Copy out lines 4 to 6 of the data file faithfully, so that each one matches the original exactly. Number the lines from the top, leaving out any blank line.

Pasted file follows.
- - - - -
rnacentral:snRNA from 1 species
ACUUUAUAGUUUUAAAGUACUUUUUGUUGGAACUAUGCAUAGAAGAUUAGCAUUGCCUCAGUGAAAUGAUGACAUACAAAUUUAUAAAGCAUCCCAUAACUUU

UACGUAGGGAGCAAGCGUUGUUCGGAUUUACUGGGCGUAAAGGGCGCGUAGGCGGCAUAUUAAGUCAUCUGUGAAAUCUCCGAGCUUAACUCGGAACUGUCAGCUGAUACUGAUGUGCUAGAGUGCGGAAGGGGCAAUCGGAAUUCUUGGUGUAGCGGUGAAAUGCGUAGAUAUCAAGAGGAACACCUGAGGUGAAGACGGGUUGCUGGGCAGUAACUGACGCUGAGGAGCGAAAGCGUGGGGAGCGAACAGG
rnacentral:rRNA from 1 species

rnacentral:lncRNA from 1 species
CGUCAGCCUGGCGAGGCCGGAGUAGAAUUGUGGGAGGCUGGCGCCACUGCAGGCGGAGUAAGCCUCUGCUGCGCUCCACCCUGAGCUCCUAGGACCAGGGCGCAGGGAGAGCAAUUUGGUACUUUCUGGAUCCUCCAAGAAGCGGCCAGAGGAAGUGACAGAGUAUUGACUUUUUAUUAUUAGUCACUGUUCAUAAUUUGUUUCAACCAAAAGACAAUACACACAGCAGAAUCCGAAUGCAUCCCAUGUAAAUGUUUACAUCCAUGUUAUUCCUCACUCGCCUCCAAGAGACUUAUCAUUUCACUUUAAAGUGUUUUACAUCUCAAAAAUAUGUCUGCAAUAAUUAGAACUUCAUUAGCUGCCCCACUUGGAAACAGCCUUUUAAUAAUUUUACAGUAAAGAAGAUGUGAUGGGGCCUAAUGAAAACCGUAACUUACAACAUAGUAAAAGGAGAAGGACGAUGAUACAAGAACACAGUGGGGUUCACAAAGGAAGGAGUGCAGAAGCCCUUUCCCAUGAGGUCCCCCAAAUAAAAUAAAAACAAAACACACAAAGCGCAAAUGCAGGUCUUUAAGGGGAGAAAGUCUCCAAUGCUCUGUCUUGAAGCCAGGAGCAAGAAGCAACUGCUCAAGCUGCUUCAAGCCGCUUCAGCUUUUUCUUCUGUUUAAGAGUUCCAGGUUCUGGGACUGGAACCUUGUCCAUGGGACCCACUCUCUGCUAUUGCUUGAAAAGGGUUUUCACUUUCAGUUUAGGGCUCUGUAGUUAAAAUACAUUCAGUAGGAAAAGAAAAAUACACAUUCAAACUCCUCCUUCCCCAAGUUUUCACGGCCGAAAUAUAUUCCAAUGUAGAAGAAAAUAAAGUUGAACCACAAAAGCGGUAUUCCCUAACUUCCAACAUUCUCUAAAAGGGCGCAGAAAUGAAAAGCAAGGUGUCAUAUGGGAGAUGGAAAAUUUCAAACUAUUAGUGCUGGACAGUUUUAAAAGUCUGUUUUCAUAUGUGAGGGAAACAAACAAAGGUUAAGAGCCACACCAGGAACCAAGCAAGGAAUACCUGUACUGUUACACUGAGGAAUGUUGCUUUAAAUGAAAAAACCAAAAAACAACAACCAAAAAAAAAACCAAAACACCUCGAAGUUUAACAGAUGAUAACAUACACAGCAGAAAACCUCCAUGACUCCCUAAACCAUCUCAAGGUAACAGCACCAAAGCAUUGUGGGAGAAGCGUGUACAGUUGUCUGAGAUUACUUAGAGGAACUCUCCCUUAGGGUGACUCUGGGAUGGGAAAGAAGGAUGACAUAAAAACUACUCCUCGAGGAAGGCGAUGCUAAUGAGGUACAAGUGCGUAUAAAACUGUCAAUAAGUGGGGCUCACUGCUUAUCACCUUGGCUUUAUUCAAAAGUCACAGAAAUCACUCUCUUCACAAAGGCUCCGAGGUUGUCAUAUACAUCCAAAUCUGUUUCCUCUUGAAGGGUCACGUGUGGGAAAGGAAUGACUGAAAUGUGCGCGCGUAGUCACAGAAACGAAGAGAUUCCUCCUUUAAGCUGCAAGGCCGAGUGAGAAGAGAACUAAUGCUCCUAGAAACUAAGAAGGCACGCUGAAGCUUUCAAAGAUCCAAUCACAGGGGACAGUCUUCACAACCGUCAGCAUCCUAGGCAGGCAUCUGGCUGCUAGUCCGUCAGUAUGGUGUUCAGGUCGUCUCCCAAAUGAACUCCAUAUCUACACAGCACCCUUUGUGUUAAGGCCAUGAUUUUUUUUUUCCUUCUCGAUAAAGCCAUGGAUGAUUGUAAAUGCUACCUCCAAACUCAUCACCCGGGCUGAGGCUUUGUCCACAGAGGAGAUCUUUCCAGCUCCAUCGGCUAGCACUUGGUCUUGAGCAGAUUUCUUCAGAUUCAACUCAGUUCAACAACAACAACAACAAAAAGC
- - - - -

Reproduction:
rnacentral:rRNA from 1 species

rnacentral:lncRNA from 1 species
CGUCAGCCUGGCGAGGCCGGAGUAGAAUUGUGGGAGGCUGGCGCCACUGCAGGCGGAGUAAGCCUCUGCUGCGCUCCACCCUGAGCUCCUAGGACCAGGGCGCAGGGAGAGCAAUUUGGUACUUUCUGGAUCCUCCAAGAAGCGGCCAGAGGAAGUGACAGAGUAUUGACUUUUUAUUAUUAGUCACUGUUCAUAAUUUGUUUCAACCAAAAGACAAUACACACAGCAGAAUCCGAAUGCAUCCCAUGUAAAUGUUUACAUCCAUGUUAUUCCUCACUCGCCUCCAAGAGACUUAUCAUUUCACUUUAAAGUGUUUUACAUCUCAAAAAUAUGUCUGCAAUAAUUAGAACUUCAUUAGCUGCCCCACUUGGAAACAGCCUUUUAAUAAUUUUACAGUAAAGAAGAUGUGAUGGGGCCUAAUGAAAACCGUAACUUACAACAUAGUAAAAGGAGAAGGACGAUGAUACAAGAACACAGUGGGGUUCACAAAGGAAGGAGUGCAGAAGCCCUUUCCCAUGAGGUCCCCCAAAUAAAAUAAAAACAAAACACACAAAGCGCAAAUGCAGGUCUUUAAGGGGAGAAAGUCUCCAAUGCUCUGUCUUGAAGCCAGGAGCAAGAAGCAACUGCUCAAGCUGCUUCAAGCCGCUUCAGCUUUUUCUUCUGUUUAAGAGUUCCAGGUUCUGGGACUGGAACCUUGUCCAUGGGACCCACUCUCUGCUAUUGCUUGAAAAGGGUUUUCACUUUCAGUUUAGGGCUCUGUAGUUAAAAUACAUUCAGUAGGAAAAGAAAAAUACACAUUCAAACUCCUCCUUCCCCAAGUUUUCACGGCCGAAAUAUAUUCCAAUGUAGAAGAAAAUAAAGUUGAACCACAAAAGCGGUAUUCCCUAACUUCCAACAUUCUCUAAAAGGGCGCAGAAAUGAAAAGCAAGGUGUCAUAUGGGAGAUGGAAAAUUUCAAACUAUUAGUGCUGGACAGUUUUAAAAGUCUGUUUUCAUAUGUGAGGGAAACAAACAAAGGUUAAGAGCCACACCAGGAACCAAGCAAGGAAUACCUGUACUGUUACACUGAGGAAUGUUGCUUUAAAUGAAAAAACCAAAAAACAACAACCAAAAAAAAAACCAAAACACCUCGAAGUUUAACAGAUGAUAACAUACACAGCAGAAAACCUCCAUGACUCCCUAAACCAUCUCAAGGUAACAGCACCAAAGCAUUGUGGGAGAAGCGUGUACAGUUGUCUGAGAUUACUUAGAGGAACUCUCCCUUAGGGUGACUCUGGGAUGGGAAAGAAGGAUGACAUAAAAACUACUCCUCGAGGAAGGCGAUGCUAAUGAGGUACAAGUGCGUAUAAAACUGUCAAUAAGUGGGGCUCACUGCUUAUCACCUUGGCUUUAUUCAAAAGUCACAGAAAUCACUCUCUUCACAAAGGCUCCGAGGUUGUCAUAUACAUCCAAAUCUGUUUCCUCUUGAAGGGUCACGUGUGGGAAAGGAAUGACUGAAAUGUGCGCGCGUAGUCACAGAAACGAAGAGAUUCCUCCUUUAAGCUGCAAGGCCGAGUGAGAAGAGAACUAAUGCUCCUAGAAACUAAGAAGGCACGCUGAAGCUUUCAAAGAUCCAAUCACAGGGGACAGUCUUCACAACCGUCAGCAUCCUAGGCAGGCAUCUGGCUGCUAGUCCGUCAGUAUGGUGUUCAGGUCGUCUCCCAAAUGAACUCCAUAUCUACACAGCACCCUUUGUGUUAAGGCCAUGAUUUUUUUUUUCCUUCUCGAUAAAGCCAUGGAUGAUUGUAAAUGCUACCUCCAAACUCAUCACCCGGGCUGAGGCUUUGUCCACAGAGGAGAUCUUUCCAGCUCCAUCGGCUAGCACUUGGUCUUGAGCAGAUUUCUUCAGAUUCAACUCAGUUCAACAACAACAACAACAAAAAGC